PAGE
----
The sell-off of European bond markets spilled over into the US Treasuries market, with the curve showing some flattening. The 2 and 5-year rates are up 11bps for the day, the latter temporarily piercing the 3% mark for the first time since 2018. The 10-year rate revisited the 2.95% mark and is currently up 8bps at 2.92%.
The higher rates backdrop has seen US equities trade with a more cautious tone. After a strong open, being up over 1% in early trading, the S&P500 has since steadily fallen and is currently down close to 1%, even with a 5% gain from Telsa after a stronger-than-expected earnings announcement.
In economic data, the Philadelphia Fed index was slightly softer than expected at 17.6. The delivery times component fell sharply from 39.7 to 17.9, the lowest reading in over a year, a possible sign of easing supply-chain issues, although pricing indicators remained very strong. Initial jobless claims last week remained little changed at 184k, continuing to track around a historically low level.
The soft risk appetite backdrop has driven commodity currencies weaker. The NZD and AUD show falls in the order of 0.9% since the NZ close to 0.6730 and 0.7370 respectively, while CAD is 0.7% weaker. More hawkish ECB-speak has supported the euro, although a strong rally to 1.0935 wasn’t sustained, and it is close to flat on the day, back down to 1.0840. Interestingly, against a backdrop of much higher global rates, JPY has range traded centred about 128.30 – speculators are no doubt a little nervous in driving an even weaker yen, given the potential for intervention from the MoF to reverse the trend. While NZD/AUD is flat at 0.9140, other key NZD crosses are all weaker in the order of 0.8-1%.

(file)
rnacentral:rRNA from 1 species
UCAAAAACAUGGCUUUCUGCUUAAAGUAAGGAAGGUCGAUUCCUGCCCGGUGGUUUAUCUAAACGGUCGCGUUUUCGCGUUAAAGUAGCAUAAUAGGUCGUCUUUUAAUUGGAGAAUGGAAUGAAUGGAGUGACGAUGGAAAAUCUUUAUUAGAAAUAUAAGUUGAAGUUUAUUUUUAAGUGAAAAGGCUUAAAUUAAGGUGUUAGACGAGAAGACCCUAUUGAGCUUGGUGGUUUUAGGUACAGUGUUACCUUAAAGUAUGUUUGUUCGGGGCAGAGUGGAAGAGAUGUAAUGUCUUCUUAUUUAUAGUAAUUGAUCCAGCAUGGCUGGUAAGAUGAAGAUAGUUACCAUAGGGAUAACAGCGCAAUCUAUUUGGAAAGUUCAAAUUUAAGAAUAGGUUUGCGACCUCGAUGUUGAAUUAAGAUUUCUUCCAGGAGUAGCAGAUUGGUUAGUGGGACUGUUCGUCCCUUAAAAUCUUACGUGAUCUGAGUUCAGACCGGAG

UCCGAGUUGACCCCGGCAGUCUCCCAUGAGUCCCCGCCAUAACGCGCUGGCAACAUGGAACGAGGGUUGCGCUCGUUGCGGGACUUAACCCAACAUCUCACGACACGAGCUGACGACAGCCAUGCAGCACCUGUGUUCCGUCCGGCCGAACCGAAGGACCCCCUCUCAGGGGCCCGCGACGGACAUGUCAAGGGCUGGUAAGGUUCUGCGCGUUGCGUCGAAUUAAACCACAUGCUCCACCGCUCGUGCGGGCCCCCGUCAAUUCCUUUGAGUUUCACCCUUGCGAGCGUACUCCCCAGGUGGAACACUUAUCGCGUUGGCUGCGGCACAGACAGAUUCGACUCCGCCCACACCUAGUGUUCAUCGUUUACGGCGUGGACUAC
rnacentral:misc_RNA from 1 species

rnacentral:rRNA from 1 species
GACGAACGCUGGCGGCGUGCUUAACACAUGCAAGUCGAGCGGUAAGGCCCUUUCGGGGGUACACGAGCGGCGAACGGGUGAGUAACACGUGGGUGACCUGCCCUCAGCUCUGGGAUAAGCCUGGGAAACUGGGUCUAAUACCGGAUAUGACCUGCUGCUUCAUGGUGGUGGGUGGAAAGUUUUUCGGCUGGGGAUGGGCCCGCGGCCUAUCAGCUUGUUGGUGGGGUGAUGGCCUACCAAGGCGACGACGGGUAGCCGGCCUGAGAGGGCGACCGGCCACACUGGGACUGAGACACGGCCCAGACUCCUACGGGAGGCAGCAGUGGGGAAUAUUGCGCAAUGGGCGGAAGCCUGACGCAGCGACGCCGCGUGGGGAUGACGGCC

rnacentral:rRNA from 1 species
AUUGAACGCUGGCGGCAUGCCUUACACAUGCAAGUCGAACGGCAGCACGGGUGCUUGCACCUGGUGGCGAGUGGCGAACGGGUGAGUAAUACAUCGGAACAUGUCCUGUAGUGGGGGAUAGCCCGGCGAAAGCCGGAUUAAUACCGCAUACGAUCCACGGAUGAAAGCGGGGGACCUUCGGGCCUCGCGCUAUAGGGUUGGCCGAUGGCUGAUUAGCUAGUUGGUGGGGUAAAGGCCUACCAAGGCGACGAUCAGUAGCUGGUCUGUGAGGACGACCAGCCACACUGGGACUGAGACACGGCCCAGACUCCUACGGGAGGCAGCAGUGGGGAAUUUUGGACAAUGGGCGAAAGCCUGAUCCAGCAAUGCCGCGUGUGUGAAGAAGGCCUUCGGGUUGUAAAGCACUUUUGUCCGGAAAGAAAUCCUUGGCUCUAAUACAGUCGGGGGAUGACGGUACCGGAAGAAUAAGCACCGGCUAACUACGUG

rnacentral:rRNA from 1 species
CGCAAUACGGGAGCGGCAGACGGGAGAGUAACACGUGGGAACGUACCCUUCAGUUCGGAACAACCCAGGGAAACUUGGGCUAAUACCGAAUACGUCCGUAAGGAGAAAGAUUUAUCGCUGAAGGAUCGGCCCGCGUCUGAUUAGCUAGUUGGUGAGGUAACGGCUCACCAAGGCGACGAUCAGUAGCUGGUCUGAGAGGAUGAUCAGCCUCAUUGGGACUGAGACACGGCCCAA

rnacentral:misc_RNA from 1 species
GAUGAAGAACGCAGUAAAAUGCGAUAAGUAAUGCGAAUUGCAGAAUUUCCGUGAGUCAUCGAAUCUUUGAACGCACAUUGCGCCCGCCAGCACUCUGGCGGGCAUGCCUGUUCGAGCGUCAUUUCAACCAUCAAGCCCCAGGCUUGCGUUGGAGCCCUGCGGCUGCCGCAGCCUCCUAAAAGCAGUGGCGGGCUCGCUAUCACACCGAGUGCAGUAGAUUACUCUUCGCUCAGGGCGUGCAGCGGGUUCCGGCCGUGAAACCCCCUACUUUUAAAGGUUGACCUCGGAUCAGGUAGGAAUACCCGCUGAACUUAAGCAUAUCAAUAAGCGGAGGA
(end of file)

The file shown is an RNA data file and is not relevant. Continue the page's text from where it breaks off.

In domestic news, NZ’s CPI print for Q1 wasn’t as high as feared, not quite piercing the 7% y/y mark, but a 32-year high of 6.9% nonetheless. Core measures also showed inflation gathering momentum in Q1, with Statistics NZ’s quarterly measures ranging from 1.1 to 1.8% q/q (annualising to about 4-6%), still far too high for comfort. The RBNZ’s sectoral factor model estimate of core inflation surged to 4.2% y/y, up from a revised 3.8% in Q4 (previously 3.2%). This measure is usually considered very sticky, barely changing by 0.1-0.2 per quarter. The fact that this series shows (another) large upward revision highlights the strength of the current inflationary impulse, which is giving the series some significant “end-point” problems as the calculation tries to assess the underlying trend.
The bottom line is that there was little comfort from the slight undershoot in the headline rate and there was no net change in OIS pricing on the day, with the market just 3bps shy of pricing in a full 50bps hike next month and a cash rate north of 3.25% by the end of the year. Swaps and most NZGB yields fell 1-2bps for the day, with global forces in play, although the very long end of the NZGB curve felt some upside pressure, given the tender of 30-year bonds overhanging the market, with 20-30-year yields lifting 2-3bps on the day.
The calendar over the next 24 hours is full, including Japan CPI, retail sales for the UK and Canada and a range of PMIs for April across Europe and the US, which are widely expected to show some slippage in economic momentum compared to March.